I watched the Scientology Network for an hour and I understand why people become Scientologists

Ilana Kaplan

Its promotional videos were are bizarre as they were intriguing.

The show-reel for the new Scientology TV channel showed people in white lab gear zipping up gold containers, and feautred a man explaining that a device on screen was called an e-meter, and "is the cutting edge of spiritual technology".

The network devoted to one of the world's most secretive religions seemed like an interesting prospect, so we tuned in to the first couple of hours of programming at its launch, and what we saw was disturbing.

That's because, as someone who's creeped out and vehemently opposed to Scientology, I could immediately see how they could appeal to people.

Leader David Miscavige and his clan are very convincing; Do you have a drug problem? Scientology is the answer. Are you a bad father? Scientology again. Is your marriage on the rocks? Scientology is the cure. The case studies involved people whose pearly white smiles never faded - Scientology fixed their problems after all.

Their representatives make a point of saying the Church of Scientology "is not what you'd expect." The channel is supposed to debunk all of the supposed myths people have about the L Ron Hubbard-founded religion.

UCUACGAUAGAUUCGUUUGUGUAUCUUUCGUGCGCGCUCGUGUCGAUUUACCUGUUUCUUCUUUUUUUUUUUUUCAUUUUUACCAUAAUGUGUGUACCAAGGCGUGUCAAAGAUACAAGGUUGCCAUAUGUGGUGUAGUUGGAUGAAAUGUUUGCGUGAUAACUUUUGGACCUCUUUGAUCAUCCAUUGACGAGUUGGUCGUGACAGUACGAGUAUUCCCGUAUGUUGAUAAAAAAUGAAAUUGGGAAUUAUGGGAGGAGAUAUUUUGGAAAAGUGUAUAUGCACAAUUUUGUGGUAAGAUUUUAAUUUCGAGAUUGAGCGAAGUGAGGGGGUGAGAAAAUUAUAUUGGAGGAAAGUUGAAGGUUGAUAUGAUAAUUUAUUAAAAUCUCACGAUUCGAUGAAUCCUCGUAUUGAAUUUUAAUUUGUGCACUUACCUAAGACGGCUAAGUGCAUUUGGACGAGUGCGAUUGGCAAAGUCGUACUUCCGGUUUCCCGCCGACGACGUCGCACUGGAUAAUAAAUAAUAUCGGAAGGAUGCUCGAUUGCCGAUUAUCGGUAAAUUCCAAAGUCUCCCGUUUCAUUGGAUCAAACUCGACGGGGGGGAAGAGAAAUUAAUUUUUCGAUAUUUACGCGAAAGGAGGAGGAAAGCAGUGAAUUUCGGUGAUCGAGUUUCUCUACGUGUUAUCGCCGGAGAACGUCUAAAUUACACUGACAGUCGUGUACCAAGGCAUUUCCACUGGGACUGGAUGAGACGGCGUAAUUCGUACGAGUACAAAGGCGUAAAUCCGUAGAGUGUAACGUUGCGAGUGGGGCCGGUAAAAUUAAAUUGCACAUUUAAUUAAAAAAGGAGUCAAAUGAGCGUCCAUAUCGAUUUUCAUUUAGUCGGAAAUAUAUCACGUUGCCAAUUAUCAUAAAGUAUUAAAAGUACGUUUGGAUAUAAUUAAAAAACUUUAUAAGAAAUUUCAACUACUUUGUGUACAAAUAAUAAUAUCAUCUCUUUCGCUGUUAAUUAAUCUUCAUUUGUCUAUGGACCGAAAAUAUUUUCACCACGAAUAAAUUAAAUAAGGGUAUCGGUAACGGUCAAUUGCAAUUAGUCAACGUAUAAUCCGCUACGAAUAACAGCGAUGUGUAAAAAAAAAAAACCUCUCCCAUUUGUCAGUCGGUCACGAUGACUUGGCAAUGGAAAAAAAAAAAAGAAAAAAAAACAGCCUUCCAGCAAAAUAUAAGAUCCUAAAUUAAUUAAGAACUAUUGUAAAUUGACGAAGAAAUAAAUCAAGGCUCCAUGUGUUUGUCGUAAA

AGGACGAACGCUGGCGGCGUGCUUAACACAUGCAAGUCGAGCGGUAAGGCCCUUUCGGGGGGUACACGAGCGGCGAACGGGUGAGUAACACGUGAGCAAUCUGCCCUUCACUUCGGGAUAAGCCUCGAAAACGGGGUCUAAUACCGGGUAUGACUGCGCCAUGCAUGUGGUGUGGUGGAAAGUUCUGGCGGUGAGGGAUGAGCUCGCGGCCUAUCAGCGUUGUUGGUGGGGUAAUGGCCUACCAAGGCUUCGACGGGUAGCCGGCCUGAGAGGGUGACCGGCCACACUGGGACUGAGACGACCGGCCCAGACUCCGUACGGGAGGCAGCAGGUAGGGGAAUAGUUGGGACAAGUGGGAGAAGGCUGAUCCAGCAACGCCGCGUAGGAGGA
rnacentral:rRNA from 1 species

The first hour of their network show is meant to be educational: learning about case studies, the purification process, auditing, technology and humanitarian work. Scientology is portrayed as a healing experience rather than a religion: the allegations of abuse, exploitation, brainwashing, spying and cover-ups are left out of the narrative. Tours of the facilities including the gym, sauna, bookstore, church and centre are mundane enough to make people think everything happening is completely normal.

But that's what it's supposed to do: normalise Scientology. For someone looking for something to believe in, the life-changing "tools and resources" could be compelling. It's the perfect gateway drug for people who are looking for something missing in their lives. Commercial breaks tout activism - the work the church's volunteers do with impoverished children around the world and helping repair the damage of California's wildfires. Look beyond the plastic smiles and tag-lines and the network is effectively one big infomercial for the religion. Statements like "Scientology isn't just something you believe in it's something you do," "Scientology saves lives" or "every single person is free" are meant to be scripture, but they feel like knock-off horoscopes for someone who isn't looking to join the cult-like religion.

With all these things combined after one hour of watching, I truly understand why someone would be captivated by something that on the surface absolves you of your problems and creates a supportive community. That's why the Scientology Network is so clever: it latches onto vulnerabilities and operates as a solution. Unfortunately having an entire network dedicated to the religion allows it to prey on more people looking for something to complete them. Hopefully, they come out unscathed.